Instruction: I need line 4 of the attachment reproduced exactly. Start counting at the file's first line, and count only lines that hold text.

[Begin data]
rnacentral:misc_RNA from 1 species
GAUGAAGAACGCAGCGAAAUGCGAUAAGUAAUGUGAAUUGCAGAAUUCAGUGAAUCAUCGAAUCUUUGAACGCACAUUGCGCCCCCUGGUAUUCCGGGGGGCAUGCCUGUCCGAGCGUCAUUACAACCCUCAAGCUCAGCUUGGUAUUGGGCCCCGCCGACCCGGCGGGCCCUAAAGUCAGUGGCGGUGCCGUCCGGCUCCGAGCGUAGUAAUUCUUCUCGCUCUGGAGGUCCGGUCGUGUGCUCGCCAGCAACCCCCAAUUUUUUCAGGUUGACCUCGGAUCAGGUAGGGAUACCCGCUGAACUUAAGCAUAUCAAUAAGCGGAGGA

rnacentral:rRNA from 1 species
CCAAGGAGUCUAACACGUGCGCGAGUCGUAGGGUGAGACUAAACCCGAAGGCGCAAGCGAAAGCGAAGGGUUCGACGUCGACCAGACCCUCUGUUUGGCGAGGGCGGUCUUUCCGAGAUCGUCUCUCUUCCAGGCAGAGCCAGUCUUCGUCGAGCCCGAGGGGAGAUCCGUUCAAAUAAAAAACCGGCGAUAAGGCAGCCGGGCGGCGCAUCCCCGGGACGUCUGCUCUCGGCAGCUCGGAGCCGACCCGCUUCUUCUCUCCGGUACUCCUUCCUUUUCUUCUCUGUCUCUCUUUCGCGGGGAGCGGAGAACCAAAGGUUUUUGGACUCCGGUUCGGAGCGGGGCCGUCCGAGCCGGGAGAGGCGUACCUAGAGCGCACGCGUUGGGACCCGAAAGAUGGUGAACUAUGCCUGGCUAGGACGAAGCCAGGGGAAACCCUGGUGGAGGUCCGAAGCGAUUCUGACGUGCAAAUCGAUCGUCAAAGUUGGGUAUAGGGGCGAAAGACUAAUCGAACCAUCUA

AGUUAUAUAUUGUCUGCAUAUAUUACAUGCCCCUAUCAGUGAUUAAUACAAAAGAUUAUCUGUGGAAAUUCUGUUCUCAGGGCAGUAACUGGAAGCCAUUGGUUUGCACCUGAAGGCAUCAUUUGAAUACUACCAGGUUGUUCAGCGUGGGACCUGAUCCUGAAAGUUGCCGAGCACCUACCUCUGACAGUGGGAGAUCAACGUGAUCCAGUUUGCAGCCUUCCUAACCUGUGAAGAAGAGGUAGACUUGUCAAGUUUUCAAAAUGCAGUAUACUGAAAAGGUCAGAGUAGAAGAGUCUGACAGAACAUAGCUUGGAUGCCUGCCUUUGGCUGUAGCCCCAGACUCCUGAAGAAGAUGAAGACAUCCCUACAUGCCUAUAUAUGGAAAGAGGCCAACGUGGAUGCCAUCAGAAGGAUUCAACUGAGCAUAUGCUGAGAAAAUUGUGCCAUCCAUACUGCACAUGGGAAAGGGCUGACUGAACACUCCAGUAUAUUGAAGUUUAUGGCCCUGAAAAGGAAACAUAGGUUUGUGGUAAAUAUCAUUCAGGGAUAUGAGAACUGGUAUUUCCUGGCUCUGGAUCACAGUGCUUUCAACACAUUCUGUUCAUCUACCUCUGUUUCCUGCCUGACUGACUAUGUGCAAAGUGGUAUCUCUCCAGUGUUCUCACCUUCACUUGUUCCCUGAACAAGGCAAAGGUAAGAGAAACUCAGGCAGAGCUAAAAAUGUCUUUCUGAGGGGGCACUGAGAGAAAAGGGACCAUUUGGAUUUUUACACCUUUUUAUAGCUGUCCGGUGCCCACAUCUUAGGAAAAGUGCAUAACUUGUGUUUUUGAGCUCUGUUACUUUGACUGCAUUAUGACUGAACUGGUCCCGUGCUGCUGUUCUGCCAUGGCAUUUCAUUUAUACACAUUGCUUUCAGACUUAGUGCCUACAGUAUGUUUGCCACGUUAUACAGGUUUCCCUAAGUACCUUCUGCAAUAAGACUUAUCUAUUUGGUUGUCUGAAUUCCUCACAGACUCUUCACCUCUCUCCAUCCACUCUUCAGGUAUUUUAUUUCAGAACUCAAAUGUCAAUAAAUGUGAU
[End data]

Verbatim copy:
CCAAGGAGUCUAACACGUGCGCGAGUCGUAGGGUGAGACUAAACCCGAAGGCGCAAGCGAAAGCGAAGGGUUCGACGUCGACCAGACCCUCUGUUUGGCGAGGGCGGUCUUUCCGAGAUCGUCUCUCUUCCAGGCAGAGCCAGUCUUCGUCGAGCCCGAGGGGAGAUCCGUUCAAAUAAAAAACCGGCGAUAAGGCAGCCGGGCGGCGCAUCCCCGGGACGUCUGCUCUCGGCAGCUCGGAGCCGACCCGCUUCUUCUCUCCGGUACUCCUUCCUUUUCUUCUCUGUCUCUCUUUCGCGGGGAGCGGAGAACCAAAGGUUUUUGGACUCCGGUUCGGAGCGGGGCCGUCCGAGCCGGGAGAGGCGUACCUAGAGCGCACGCGUUGGGACCCGAAAGAUGGUGAACUAUGCCUGGCUAGGACGAAGCCAGGGGAAACCCUGGUGGAGGUCCGAAGCGAUUCUGACGUGCAAAUCGAUCGUCAAAGUUGGGUAUAGGGGCGAAAGACUAAUCGAACCAUCUA